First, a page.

July 8, 2012

One experiment feeds another

One third of the fish experiment failed three hours in. Charlie thought it worked out just fine for the chickens.


News and notes from the frontline

We've definitely slipped into a quiet rhythm of urban farm life with the chickens. Raising the chickens has come with surprisingly little overhead, which is welcoming given the current circus act we call a family.

If you keep them fed and watered, they seem pretty content to lay their eggs and avoid trouble for the most part. That's not to say they haven't caused their share of problems for Mel's Green Garden, tearing down dinner plate dahlias and hydrangea bushes. But Mel can't help bu love them (and their eggs).

Here are the highlights for the last few weeks...

Tolerant coexistence with Harry

The chickens and Harry seem to do just fine together even when chickens are outside the coop with him. Harry seems to know his boundaries, which is a relief given the lax door closing skills of a four year old.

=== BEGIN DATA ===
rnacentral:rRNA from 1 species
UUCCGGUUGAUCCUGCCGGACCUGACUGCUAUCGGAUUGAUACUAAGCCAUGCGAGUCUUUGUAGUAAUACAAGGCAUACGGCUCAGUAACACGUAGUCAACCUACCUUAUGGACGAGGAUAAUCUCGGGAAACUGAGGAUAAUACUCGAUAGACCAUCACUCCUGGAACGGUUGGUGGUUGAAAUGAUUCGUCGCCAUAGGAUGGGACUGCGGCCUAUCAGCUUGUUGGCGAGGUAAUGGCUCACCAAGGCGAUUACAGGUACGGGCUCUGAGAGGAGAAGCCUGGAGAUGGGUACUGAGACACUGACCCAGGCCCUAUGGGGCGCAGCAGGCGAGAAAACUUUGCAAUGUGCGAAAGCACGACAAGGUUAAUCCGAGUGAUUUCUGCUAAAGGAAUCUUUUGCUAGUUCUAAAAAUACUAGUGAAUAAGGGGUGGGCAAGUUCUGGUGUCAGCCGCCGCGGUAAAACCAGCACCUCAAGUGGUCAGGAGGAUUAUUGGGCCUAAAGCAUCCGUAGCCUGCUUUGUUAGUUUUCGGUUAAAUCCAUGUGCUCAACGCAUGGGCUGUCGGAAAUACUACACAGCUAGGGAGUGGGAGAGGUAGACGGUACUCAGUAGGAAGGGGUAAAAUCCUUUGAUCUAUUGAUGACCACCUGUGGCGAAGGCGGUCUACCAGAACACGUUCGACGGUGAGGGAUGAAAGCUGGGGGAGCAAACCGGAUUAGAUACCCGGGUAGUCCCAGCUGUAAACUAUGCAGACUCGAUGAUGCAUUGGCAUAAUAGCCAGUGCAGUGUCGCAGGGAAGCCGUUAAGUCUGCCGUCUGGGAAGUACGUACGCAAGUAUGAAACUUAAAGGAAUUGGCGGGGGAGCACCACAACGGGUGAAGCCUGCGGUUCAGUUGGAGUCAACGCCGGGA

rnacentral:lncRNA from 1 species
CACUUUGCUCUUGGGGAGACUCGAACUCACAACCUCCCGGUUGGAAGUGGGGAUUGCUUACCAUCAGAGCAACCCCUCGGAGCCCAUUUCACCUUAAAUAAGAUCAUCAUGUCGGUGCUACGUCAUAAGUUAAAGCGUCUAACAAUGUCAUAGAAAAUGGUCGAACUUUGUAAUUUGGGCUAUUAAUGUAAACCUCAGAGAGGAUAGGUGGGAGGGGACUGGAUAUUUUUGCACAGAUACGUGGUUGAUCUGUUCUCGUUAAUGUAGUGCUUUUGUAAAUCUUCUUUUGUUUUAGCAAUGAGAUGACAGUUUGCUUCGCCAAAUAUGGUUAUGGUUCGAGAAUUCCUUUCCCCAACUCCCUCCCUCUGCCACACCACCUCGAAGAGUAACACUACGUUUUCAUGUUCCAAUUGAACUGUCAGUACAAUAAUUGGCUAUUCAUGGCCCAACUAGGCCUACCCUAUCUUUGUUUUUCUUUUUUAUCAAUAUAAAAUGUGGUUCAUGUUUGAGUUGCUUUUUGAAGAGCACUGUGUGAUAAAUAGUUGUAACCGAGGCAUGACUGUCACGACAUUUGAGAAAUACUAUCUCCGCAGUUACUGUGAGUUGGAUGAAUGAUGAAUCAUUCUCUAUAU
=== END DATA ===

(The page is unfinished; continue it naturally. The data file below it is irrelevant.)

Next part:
Lost chickens

The chickens were accidentally locked outside of the coop for a night along with Harry. After hearing a ruckus around 3am, an outdoor inspection revealed only one chicken and one dog. Convinced that the other two had been dragged away by a raccoon, we went back to bed. 

In the morning, there were two! And by the afternoon, there were three again! The investigation remains unresolved...

The cherry tomatoes are safe

We had no idea what would happen to the vegetable garden with free running chickens. For now, it appears that the coveted cherry tomatoes have survived the chickens - and the heat - and will produce a giant bounty.

The coop has held up

The coop construction was a design-on-the-fly experiment and it's held up wonderfully. 10% is due to construction. 90% is due to the fact that the raccoons can probably find tastier and more easily acquired dinners in the neighborhood trash cans.

I need to write a post on coop construction....